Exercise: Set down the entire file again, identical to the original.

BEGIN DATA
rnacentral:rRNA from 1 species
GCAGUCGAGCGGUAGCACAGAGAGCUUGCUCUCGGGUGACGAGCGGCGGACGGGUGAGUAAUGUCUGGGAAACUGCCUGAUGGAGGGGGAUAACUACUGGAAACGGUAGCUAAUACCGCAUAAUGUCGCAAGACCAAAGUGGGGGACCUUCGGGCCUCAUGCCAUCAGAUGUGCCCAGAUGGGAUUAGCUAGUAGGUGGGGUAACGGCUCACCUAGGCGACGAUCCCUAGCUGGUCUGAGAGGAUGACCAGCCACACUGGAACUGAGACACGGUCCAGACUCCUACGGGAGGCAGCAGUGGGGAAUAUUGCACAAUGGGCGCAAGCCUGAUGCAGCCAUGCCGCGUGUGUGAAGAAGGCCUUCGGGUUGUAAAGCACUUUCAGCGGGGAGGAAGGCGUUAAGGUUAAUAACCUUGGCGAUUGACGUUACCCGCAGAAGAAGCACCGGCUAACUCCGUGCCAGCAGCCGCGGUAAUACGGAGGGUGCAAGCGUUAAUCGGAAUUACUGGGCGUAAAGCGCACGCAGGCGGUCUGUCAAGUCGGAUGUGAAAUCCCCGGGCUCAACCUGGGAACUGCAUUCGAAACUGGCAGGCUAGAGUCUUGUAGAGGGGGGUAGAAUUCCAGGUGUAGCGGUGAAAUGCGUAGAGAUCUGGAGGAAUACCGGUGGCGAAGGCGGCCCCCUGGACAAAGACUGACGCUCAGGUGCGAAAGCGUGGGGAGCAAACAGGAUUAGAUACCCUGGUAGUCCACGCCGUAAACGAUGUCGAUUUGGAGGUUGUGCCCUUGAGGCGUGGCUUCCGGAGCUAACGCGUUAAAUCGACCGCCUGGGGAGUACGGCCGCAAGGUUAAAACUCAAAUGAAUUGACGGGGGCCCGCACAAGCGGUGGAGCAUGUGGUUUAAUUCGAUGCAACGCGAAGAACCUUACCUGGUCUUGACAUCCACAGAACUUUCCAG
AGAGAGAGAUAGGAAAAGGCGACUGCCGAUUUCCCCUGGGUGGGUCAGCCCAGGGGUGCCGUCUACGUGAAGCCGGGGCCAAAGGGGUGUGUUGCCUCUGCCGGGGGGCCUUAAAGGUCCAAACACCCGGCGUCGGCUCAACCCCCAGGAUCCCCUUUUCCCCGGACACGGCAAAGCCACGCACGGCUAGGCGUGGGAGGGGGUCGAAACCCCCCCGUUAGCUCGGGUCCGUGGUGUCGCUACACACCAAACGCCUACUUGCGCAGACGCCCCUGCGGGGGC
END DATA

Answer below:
rnacentral:rRNA from 1 species
GCAGUCGAGCGGUAGCACAGAGAGCUUGCUCUCGGGUGACGAGCGGCGGACGGGUGAGUAAUGUCUGGGAAACUGCCUGAUGGAGGGGGAUAACUACUGGAAACGGUAGCUAAUACCGCAUAAUGUCGCAAGACCAAAGUGGGGGACCUUCGGGCCUCAUGCCAUCAGAUGUGCCCAGAUGGGAUUAGCUAGUAGGUGGGGUAACGGCUCACCUAGGCGACGAUCCCUAGCUGGUCUGAGAGGAUGACCAGCCACACUGGAACUGAGACACGGUCCAGACUCCUACGGGAGGCAGCAGUGGGGAAUAUUGCACAAUGGGCGCAAGCCUGAUGCAGCCAUGCCGCGUGUGUGAAGAAGGCCUUCGGGUUGUAAAGCACUUUCAGCGGGGAGGAAGGCGUUAAGGUUAAUAACCUUGGCGAUUGACGUUACCCGCAGAAGAAGCACCGGCUAACUCCGUGCCAGCAGCCGCGGUAAUACGGAGGGUGCAAGCGUUAAUCGGAAUUACUGGGCGUAAAGCGCACGCAGGCGGUCUGUCAAGUCGGAUGUGAAAUCCCCGGGCUCAACCUGGGAACUGCAUUCGAAACUGGCAGGCUAGAGUCUUGUAGAGGGGGGUAGAAUUCCAGGUGUAGCGGUGAAAUGCGUAGAGAUCUGGAGGAAUACCGGUGGCGAAGGCGGCCCCCUGGACAAAGACUGACGCUCAGGUGCGAAAGCGUGGGGAGCAAACAGGAUUAGAUACCCUGGUAGUCCACGCCGUAAACGAUGUCGAUUUGGAGGUUGUGCCCUUGAGGCGUGGCUUCCGGAGCUAACGCGUUAAAUCGACCGCCUGGGGAGUACGGCCGCAAGGUUAAAACUCAAAUGAAUUGACGGGGGCCCGCACAAGCGGUGGAGCAUGUGGUUUAAUUCGAUGCAACGCGAAGAACCUUACCUGGUCUUGACAUCCACAGAACUUUCCAG
AGAGAGAGAUAGGAAAAGGCGACUGCCGAUUUCCCCUGGGUGGGUCAGCCCAGGGGUGCCGUCUACGUGAAGCCGGGGCCAAAGGGGUGUGUUGCCUCUGCCGGGGGGCCUUAAAGGUCCAAACACCCGGCGUCGGCUCAACCCCCAGGAUCCCCUUUUCCCCGGACACGGCAAAGCCACGCACGGCUAGGCGUGGGAGGGGGUCGAAACCCCCCCGUUAGCUCGGGUCCGUGGUGUCGCUACACACCAAACGCCUACUUGCGCAGACGCCCCUGCGGGGGC